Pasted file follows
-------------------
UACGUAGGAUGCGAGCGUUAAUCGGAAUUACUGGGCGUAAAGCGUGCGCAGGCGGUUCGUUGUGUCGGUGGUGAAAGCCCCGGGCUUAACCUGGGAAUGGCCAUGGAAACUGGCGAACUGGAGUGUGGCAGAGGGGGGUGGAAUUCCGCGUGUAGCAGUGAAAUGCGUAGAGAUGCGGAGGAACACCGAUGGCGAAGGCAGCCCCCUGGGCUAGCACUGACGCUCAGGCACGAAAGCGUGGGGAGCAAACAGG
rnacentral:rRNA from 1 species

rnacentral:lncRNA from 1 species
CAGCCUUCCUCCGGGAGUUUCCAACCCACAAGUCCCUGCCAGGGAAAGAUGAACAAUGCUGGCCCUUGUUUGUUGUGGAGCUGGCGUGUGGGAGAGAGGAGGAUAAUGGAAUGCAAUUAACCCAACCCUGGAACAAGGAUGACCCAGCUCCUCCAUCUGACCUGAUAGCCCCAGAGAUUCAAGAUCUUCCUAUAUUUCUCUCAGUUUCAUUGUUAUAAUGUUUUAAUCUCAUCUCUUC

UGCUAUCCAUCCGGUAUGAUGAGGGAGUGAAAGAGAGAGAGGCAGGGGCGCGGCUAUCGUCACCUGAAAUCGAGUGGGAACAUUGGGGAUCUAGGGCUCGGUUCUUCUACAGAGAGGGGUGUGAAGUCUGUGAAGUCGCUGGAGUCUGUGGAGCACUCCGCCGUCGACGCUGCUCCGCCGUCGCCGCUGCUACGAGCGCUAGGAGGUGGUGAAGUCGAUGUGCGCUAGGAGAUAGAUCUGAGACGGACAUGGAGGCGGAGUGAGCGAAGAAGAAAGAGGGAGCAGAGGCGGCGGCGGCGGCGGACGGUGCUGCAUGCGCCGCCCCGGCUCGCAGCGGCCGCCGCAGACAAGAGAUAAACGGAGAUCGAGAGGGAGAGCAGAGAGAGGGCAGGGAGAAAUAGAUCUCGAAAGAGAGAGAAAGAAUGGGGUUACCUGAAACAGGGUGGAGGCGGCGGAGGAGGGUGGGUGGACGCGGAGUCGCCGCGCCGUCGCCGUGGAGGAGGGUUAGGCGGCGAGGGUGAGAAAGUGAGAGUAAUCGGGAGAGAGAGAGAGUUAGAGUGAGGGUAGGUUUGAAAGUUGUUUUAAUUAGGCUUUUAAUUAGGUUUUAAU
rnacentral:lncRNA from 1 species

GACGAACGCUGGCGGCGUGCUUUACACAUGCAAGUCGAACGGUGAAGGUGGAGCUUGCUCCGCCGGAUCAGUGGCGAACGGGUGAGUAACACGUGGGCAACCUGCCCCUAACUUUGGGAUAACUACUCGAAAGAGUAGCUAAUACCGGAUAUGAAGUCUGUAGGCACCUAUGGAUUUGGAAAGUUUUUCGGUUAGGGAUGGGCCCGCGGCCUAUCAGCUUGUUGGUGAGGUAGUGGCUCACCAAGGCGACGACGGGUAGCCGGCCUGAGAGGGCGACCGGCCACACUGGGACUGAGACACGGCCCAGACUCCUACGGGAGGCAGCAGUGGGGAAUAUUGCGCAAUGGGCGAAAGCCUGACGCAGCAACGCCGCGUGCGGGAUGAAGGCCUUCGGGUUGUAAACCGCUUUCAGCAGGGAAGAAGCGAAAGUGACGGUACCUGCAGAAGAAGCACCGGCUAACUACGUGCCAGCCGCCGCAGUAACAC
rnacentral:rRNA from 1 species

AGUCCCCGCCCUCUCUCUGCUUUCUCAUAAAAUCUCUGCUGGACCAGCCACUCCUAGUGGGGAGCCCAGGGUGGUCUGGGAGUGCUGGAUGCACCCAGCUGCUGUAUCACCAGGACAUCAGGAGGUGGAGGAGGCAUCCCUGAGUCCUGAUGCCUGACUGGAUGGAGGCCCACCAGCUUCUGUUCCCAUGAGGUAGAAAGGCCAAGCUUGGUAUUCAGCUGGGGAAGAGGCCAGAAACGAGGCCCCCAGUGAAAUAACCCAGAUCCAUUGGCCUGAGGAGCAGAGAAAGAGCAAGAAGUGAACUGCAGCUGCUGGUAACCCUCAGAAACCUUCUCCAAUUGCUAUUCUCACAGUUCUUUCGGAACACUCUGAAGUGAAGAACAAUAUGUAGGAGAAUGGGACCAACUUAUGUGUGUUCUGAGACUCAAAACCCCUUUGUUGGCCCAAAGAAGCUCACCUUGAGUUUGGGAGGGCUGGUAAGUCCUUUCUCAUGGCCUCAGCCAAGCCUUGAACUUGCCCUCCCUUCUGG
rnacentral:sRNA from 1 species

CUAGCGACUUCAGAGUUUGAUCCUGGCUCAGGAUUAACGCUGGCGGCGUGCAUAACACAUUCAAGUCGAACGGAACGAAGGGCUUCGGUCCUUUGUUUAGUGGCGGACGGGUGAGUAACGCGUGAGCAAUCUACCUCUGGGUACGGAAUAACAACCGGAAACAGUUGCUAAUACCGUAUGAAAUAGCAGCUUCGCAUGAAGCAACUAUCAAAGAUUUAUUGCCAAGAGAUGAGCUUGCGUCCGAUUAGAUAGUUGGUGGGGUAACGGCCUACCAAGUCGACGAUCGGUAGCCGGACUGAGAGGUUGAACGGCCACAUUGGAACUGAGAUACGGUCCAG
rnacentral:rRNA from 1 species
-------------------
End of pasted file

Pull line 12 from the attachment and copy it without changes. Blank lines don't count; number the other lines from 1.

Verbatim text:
rnacentral:rRNA from 1 species